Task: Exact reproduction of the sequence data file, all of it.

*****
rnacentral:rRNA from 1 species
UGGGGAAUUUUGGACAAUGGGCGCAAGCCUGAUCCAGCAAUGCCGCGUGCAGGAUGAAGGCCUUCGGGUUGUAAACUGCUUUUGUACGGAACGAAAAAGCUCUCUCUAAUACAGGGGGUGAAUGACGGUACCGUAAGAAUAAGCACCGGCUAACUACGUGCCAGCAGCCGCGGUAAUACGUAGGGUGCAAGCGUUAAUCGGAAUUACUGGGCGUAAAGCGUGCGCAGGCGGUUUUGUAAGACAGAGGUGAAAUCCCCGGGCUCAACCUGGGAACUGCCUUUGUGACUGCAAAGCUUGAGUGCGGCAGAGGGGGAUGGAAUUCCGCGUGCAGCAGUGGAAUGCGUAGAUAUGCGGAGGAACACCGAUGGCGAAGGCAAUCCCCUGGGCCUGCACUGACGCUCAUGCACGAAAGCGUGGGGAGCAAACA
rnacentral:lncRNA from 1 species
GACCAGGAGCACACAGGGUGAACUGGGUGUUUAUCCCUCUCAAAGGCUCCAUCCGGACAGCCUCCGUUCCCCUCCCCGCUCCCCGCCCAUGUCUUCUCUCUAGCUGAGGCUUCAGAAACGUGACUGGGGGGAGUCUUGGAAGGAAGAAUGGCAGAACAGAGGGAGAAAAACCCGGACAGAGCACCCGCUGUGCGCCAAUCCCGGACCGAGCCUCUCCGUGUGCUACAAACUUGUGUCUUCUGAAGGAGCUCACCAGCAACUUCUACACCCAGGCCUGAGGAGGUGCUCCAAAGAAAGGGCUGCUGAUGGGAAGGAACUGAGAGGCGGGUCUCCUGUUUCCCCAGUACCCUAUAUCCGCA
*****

rnacentral:rRNA from 1 species
UGGGGAAUUUUGGACAAUGGGCGCAAGCCUGAUCCAGCAAUGCCGCGUGCAGGAUGAAGGCCUUCGGGUUGUAAACUGCUUUUGUACGGAACGAAAAAGCUCUCUCUAAUACAGGGGGUGAAUGACGGUACCGUAAGAAUAAGCACCGGCUAACUACGUGCCAGCAGCCGCGGUAAUACGUAGGGUGCAAGCGUUAAUCGGAAUUACUGGGCGUAAAGCGUGCGCAGGCGGUUUUGUAAGACAGAGGUGAAAUCCCCGGGCUCAACCUGGGAACUGCCUUUGUGACUGCAAAGCUUGAGUGCGGCAGAGGGGGAUGGAAUUCCGCGUGCAGCAGUGGAAUGCGUAGAUAUGCGGAGGAACACCGAUGGCGAAGGCAAUCCCCUGGGCCUGCACUGACGCUCAUGCACGAAAGCGUGGGGAGCAAACA
rnacentral:lncRNA from 1 species
GACCAGGAGCACACAGGGUGAACUGGGUGUUUAUCCCUCUCAAAGGCUCCAUCCGGACAGCCUCCGUUCCCCUCCCCGCUCCCCGCCCAUGUCUUCUCUCUAGCUGAGGCUUCAGAAACGUGACUGGGGGGAGUCUUGGAAGGAAGAAUGGCAGAACAGAGGGAGAAAAACCCGGACAGAGCACCCGCUGUGCGCCAAUCCCGGACCGAGCCUCUCCGUGUGCUACAAACUUGUGUCUUCUGAAGGAGCUCACCAGCAACUUCUACACCCAGGCCUGAGGAGGUGCUCCAAAGAAAGGGCUGCUGAUGGGAAGGAACUGAGAGGCGGGUCUCCUGUUUCCCCAGUACCCUAUAUCCGCA